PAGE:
John Singer Sargent -- Letters  (Frontpage )

Ralph Curtis' to his parents May 1884

Ralph Curtis on the Beach at Scheveningen
My Dear People,

Your paper will be ordered this a.m. Yesterday the birthday or funeral of a painter Scamps (John Sargent). Most exquis. weather. Walked up Champs E. chestnuts in full flower and dense mob of "tout Paris" in pretty clothes, gesticulating and laughing, slowly going into the Ark of Art. In 15 mins. I saw no end of acquaintances and strangers, and heard everyone say "ou est le portrait Gautreau?" "Oh allez voir ca" [1] -- John covered with dust stopped with his trunks at the club the night before and took me on to his house where we dined. He was very nervous about what he feared, but his fears were far exceeded by the facts of yesterday. There was a grande tapage[2] before it all day. In a few minutes I found him dodging behind doors to avoid friends who looked grave. By the corridors he took me to see it. I was disappointed in the colour. She looks decomposed. All the women jeer. Ah voilà "la belle!'  "Oh quel horreur!" [3] etc. Then a painter exclaims "superbe de style.  "magnifique d'audace!" "quel dessin!" [4] Then the blageur club man-- "C'est une copie!" "Comment une cope?"   "Mais oui--la peinture d'aprés un autre morceau de peinture s'appele une copie." [5] I heard that. All the a.m. it was one series of bons mots, mauvaises plaisanteries [6] and fierce discussions. John, poor boy, was navré [7] We got out a big déjeuner [8] at Ledoyens of a dozen painters and ladies and I took him there. In the p.m. the tide turned as I kept saying it would. It was discovered to be the knowing thing to say "étrangement épatant!" [9] I went home with him, and remained there while he went to see the Boits. Mde. Gautreau and mére came to his studio "bathed in tears." I stayed them off but the mother returned and caught him and made a fearful scene saying "Ma fille est perdue--tout Paris se monque d'elle. Mon genre sera forcé de se battre. Elle mourira de chagrin" [10] etc. John replied it was against all laws to retire a picture. He had painted her exactly as she was dressed, that nothing could be said of the canvas worse than had been said in print of her appearance dans le monde [11] etc. etc. Defending his cause made him feel much better. Still we talked it over till 1 o'clock here last night and I fear he has never had such a blow. He says he wants to get out of Paris for a time. He goes to Eng. in 3 weeks. I fear là bas he will fall into Pre-R. influences wh. has got a strange hold of him he says since Siena.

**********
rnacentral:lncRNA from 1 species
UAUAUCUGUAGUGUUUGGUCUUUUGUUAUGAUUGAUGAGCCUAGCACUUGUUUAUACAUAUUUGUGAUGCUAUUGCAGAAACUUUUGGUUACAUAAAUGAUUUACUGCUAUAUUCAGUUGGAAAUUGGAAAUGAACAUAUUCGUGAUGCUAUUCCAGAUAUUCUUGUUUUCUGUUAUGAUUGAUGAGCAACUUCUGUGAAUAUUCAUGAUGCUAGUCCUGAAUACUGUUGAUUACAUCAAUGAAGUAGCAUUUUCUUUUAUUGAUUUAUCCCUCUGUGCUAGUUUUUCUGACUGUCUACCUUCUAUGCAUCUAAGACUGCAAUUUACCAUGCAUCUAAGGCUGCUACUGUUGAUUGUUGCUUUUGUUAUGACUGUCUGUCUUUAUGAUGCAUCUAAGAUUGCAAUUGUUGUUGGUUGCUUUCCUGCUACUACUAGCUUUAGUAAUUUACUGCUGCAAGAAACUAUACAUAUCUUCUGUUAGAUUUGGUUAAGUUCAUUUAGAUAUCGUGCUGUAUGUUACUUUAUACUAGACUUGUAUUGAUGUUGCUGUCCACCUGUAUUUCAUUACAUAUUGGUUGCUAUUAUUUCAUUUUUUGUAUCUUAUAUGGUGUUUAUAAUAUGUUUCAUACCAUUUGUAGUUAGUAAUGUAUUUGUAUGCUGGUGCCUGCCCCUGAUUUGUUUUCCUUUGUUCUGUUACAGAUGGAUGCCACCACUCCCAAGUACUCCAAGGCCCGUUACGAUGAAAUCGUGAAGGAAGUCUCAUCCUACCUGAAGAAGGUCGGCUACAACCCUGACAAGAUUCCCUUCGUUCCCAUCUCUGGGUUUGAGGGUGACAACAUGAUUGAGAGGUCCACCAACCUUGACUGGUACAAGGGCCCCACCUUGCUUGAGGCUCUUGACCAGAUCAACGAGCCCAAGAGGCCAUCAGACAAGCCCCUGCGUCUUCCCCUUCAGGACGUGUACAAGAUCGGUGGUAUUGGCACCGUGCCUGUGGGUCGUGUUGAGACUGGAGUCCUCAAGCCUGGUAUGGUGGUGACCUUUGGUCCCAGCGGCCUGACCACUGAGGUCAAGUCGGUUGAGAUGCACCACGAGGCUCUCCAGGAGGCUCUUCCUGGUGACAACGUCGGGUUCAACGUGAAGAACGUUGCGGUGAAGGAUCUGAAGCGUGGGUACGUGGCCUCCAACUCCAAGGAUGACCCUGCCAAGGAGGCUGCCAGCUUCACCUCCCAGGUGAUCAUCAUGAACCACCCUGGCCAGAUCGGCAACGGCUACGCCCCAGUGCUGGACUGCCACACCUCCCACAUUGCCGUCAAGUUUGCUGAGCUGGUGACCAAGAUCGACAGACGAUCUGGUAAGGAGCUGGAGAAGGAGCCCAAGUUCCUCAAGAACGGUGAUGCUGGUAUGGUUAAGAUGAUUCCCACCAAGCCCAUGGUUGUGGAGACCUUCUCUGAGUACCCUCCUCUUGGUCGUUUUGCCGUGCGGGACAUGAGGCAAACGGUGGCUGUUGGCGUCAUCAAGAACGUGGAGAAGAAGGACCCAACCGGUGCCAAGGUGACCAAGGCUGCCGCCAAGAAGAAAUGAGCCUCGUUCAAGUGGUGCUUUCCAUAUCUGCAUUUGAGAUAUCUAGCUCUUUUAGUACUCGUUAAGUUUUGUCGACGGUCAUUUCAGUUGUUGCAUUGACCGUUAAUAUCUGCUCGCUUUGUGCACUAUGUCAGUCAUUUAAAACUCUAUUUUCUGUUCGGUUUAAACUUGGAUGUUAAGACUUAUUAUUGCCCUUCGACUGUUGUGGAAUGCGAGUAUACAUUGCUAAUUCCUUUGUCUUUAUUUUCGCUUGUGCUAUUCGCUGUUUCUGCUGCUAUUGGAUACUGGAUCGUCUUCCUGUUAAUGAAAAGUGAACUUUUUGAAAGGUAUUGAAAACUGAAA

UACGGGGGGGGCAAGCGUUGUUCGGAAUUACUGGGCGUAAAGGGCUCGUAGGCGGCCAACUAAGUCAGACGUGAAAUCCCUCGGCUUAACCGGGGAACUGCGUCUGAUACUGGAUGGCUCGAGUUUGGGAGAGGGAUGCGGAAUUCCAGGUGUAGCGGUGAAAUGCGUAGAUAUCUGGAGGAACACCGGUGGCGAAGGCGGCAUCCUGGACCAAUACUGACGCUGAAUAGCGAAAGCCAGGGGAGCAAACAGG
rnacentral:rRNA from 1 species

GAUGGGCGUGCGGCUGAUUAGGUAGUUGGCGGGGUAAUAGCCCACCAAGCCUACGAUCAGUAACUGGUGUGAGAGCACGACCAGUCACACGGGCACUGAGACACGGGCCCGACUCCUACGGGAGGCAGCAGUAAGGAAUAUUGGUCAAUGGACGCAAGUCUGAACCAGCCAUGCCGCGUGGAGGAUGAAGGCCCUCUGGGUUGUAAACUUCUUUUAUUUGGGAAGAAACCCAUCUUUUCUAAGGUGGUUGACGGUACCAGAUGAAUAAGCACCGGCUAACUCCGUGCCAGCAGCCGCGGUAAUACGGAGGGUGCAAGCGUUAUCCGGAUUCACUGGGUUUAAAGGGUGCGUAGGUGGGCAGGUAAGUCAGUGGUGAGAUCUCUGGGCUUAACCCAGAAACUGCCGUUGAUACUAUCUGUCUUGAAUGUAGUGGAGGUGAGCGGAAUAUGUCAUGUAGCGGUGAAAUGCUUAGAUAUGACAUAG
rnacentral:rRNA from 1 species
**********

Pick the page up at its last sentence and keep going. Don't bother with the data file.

I want him to go to Seville and do the tobacco girls with me in Nov. Says he will--nous verrons. [12]

(letter from Ralph Curtis' to his parents 1884; quoted in Charteris; John Sargent; pp. 61-62)


1) "ou est le portrait Gautreau?" "Oh allez voir ca"
Have you seen the Gautreau portrait ? You must see it. 

2) grande tapage
a big scene

3) Ah voilà "la belle!'  "Oh quel horreur!
Ah here "the beautiful one! '  " Oh what a horror!